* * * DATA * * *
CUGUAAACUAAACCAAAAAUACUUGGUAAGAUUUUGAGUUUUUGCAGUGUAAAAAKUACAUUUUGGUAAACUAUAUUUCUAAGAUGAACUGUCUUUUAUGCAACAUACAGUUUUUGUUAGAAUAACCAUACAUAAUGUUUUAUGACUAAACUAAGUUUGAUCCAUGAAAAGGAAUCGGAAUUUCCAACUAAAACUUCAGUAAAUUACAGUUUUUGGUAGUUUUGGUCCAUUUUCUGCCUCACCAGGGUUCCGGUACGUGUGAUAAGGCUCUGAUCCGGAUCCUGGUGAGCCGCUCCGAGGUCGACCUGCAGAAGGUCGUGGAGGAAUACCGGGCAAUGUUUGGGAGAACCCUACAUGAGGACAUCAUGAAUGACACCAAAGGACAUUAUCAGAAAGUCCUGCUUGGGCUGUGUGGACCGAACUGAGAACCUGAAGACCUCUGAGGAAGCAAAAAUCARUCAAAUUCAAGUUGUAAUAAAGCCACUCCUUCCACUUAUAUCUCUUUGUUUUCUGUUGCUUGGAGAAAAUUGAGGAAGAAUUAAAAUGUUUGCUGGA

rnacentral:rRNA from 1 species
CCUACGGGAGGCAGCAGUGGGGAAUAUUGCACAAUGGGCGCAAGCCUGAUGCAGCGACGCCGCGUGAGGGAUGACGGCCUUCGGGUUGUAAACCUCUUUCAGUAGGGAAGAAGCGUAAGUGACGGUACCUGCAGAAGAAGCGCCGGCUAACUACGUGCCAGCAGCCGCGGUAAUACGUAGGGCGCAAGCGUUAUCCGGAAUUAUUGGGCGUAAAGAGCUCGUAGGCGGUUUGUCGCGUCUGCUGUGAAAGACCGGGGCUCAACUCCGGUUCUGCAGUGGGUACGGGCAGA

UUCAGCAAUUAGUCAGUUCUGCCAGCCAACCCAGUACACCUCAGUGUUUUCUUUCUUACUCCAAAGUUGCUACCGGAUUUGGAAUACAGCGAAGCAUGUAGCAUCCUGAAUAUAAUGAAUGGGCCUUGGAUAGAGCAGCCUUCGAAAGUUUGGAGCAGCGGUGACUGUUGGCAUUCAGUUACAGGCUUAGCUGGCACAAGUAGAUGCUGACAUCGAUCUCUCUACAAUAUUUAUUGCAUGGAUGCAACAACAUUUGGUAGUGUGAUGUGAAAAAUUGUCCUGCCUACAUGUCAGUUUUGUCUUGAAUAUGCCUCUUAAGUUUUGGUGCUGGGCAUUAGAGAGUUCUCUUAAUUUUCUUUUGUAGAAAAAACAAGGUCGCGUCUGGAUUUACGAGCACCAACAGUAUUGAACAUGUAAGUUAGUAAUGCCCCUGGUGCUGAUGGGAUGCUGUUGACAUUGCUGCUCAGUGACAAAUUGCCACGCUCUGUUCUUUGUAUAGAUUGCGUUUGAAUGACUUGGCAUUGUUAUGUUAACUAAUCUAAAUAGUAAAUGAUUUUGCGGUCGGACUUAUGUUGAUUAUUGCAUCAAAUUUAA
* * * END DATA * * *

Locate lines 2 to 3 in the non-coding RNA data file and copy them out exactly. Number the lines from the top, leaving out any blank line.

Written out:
rnacentral:rRNA from 1 species
CCUACGGGAGGCAGCAGUGGGGAAUAUUGCACAAUGGGCGCAAGCCUGAUGCAGCGACGCCGCGUGAGGGAUGACGGCCUUCGGGUUGUAAACCUCUUUCAGUAGGGAAGAAGCGUAAGUGACGGUACCUGCAGAAGAAGCGCCGGCUAACUACGUGCCAGCAGCCGCGGUAAUACGUAGGGCGCAAGCGUUAUCCGGAAUUAUUGGGCGUAAAGAGCUCGUAGGCGGUUUGUCGCGUCUGCUGUGAAAGACCGGGGCUCAACUCCGGUUCUGCAGUGGGUACGGGCAGA